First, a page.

When I was making my Mr. & Mrs. Egg Head Printables, Riley asked me if it was for a birthday and I said, “No, it’s for Easter.” She then asked me what Easter was for, and I told her it was for Jesus. Her next question was, “It’s Jesus’ birthday?” I, then proceeded to botched an explanation of why we have Easter Eggs for Jesus, because it really doesn’t make sense to me either. To redeem myself from my parenting fail, I decided to have a Family Home Evening dedicated to the true meaning behind Easter and the resurrection of Jesus Christ.
The resurrection can be really deep (and let’s face it, gory) for a 4 and 3 year old, so I LOVED the idea of doing “Resurrection Eggs.” I glued a number flower to 12 eggs and placed an item in each egg that represents a part of the story. Here’s what you’ll place in each egg:
- ONE: include a leaf to represent the people waving palm leaves as Jesus entered Jerusalem (explain that people used to wave palm leaves only at KINGS during this time)
- TWO: a piece of cloth with perfume on it represents the woman that poured perfume on Jesus’ head (she did this because she knew he was Christ and that he would die soon)
- THREE: a piece of bread (to represent the Last Supper)
- FOUR: a picture of Jesus or of your family to show that he suffered in Gethsemane for each one of us
- FIVE: three dimes to represent the betrayal of Judas
- SIX: a piece of purple cloth or paper to represent the purple robe the guards placed on Jesus to mock him (purple was a color that represented royalty)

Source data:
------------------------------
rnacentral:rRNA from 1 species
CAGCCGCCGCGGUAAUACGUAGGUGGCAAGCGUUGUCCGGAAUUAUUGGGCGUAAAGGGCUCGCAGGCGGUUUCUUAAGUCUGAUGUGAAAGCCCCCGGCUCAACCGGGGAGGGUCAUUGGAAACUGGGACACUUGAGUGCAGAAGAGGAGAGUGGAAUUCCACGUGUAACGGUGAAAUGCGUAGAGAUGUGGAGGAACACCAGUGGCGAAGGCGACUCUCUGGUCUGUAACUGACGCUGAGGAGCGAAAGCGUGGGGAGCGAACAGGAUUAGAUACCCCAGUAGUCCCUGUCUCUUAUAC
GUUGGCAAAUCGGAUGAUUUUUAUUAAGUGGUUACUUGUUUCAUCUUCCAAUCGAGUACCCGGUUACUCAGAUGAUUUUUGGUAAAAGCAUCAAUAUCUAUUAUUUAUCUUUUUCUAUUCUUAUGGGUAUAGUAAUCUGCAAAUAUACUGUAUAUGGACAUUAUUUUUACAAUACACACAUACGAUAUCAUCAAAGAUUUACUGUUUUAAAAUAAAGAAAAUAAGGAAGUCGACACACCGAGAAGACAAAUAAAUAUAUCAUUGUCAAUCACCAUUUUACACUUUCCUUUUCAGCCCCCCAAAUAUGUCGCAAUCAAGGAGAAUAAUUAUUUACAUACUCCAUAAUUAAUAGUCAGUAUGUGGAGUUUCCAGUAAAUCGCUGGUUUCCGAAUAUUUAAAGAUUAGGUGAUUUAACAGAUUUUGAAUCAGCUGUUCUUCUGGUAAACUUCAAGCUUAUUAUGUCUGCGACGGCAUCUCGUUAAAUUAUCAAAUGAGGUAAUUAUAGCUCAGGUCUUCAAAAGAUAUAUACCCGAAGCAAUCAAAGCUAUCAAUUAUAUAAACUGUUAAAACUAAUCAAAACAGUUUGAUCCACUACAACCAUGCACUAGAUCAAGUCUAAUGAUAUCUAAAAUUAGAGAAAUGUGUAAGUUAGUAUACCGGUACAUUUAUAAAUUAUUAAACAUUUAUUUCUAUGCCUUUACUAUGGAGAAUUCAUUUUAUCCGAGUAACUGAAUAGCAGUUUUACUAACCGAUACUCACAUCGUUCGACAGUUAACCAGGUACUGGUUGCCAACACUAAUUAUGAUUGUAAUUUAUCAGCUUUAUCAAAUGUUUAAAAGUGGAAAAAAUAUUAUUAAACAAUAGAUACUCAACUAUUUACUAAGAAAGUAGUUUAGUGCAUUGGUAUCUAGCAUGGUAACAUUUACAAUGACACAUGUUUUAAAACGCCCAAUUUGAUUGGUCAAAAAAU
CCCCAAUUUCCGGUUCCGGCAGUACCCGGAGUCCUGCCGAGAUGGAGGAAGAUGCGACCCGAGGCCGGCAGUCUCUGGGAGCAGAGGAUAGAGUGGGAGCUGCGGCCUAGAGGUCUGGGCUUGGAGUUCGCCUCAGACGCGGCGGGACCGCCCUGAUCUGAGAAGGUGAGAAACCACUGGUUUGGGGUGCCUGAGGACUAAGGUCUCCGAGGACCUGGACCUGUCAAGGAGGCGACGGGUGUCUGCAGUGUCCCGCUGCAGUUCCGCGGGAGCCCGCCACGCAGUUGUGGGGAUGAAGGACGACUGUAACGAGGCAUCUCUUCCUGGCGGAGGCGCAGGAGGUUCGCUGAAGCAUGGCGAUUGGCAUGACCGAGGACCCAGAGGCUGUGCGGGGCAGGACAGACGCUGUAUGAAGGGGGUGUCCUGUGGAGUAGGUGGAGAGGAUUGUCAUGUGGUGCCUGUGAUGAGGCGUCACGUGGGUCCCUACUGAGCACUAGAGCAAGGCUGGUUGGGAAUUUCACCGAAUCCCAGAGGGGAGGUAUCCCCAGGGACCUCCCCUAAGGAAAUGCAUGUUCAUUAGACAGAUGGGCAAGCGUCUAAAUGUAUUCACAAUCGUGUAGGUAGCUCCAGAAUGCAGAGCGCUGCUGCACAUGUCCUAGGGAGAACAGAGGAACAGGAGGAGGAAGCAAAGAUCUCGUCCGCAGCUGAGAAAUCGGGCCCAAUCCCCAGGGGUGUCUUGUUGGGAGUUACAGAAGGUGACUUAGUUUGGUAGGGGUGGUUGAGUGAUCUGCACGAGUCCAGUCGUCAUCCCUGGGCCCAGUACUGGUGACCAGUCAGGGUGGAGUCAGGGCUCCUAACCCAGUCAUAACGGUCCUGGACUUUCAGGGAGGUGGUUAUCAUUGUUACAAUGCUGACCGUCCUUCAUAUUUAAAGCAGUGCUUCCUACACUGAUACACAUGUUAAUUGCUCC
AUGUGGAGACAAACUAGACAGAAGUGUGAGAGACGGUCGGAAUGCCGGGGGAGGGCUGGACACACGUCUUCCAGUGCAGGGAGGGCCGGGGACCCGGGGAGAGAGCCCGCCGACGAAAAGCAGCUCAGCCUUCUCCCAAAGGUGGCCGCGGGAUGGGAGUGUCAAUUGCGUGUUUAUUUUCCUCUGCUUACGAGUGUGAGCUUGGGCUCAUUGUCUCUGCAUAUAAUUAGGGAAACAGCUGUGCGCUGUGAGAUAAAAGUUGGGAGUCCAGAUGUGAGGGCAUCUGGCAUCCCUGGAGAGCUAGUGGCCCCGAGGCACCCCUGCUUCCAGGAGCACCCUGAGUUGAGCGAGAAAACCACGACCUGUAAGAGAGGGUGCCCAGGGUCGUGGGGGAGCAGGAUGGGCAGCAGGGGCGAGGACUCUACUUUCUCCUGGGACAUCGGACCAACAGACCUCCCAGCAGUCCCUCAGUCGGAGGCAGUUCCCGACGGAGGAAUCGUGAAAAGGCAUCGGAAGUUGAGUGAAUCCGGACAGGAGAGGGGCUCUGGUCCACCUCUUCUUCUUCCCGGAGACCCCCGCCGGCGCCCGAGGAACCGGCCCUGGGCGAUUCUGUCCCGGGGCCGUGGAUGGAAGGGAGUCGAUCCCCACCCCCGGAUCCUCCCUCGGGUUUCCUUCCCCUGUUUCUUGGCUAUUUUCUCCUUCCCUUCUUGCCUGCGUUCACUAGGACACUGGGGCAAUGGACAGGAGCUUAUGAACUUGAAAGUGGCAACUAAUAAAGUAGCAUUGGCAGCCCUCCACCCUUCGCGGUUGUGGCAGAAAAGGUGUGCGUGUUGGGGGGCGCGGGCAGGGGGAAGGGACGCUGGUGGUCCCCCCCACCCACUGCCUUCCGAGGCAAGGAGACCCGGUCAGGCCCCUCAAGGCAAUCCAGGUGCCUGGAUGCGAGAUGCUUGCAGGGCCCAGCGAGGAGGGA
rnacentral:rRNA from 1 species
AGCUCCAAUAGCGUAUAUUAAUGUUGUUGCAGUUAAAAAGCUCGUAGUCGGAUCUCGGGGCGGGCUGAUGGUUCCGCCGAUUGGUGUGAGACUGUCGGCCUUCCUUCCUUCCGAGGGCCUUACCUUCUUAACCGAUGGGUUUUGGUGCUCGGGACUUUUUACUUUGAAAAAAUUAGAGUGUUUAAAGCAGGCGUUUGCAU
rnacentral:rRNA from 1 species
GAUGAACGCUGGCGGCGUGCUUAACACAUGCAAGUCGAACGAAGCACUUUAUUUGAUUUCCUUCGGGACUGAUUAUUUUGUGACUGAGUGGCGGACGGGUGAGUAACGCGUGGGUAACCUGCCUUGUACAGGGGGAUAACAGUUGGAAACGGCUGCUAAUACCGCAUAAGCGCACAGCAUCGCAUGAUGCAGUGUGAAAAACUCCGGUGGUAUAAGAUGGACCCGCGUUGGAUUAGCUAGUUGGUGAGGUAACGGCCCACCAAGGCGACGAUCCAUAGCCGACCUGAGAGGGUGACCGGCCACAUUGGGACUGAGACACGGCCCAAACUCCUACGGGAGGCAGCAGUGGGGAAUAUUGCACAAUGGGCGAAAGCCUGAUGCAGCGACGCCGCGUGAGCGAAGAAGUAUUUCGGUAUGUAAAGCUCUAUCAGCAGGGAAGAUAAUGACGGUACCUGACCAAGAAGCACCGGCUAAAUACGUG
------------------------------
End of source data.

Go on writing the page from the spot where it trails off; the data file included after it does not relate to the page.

- SEVEN: a cross made out of toothpicks, or a paper cross to represent the cross Jesus was crucified on
- EIGHT: a nail to show they nailed Jesus to the cross
- NINE: a piece of paper that says “The King of the Jews”…another way the guards mocked Jesus
- TEN: a bundle of spices wrapped in fabric or in a plastic bag to represent the women that put spices on Jesus’ body in the tomb
- ELEVEN: a round stone to represent the rock that sealed His tomb
- TWELVE: leave empty to represent His resurrection
You can definitely be creative with this and you don’t even have to leave your house for most of these items. To make the flowers, I just printed out my FREE printables, cut them out with a 2″ scalloped hole punch and glued them to the top of plastic eggs.
We also had a special dinner of waffles with nutella, strawberries and bananas (no symbolism here…I just really love waffles) and made a “tomb fort.” It sounds weird, but my kids really liked it! My daughter LOVED this Easter lesson using Resurrection Eggs. While some things went way over her head, I’m glad I could start the discussion for the true meaning behind Easter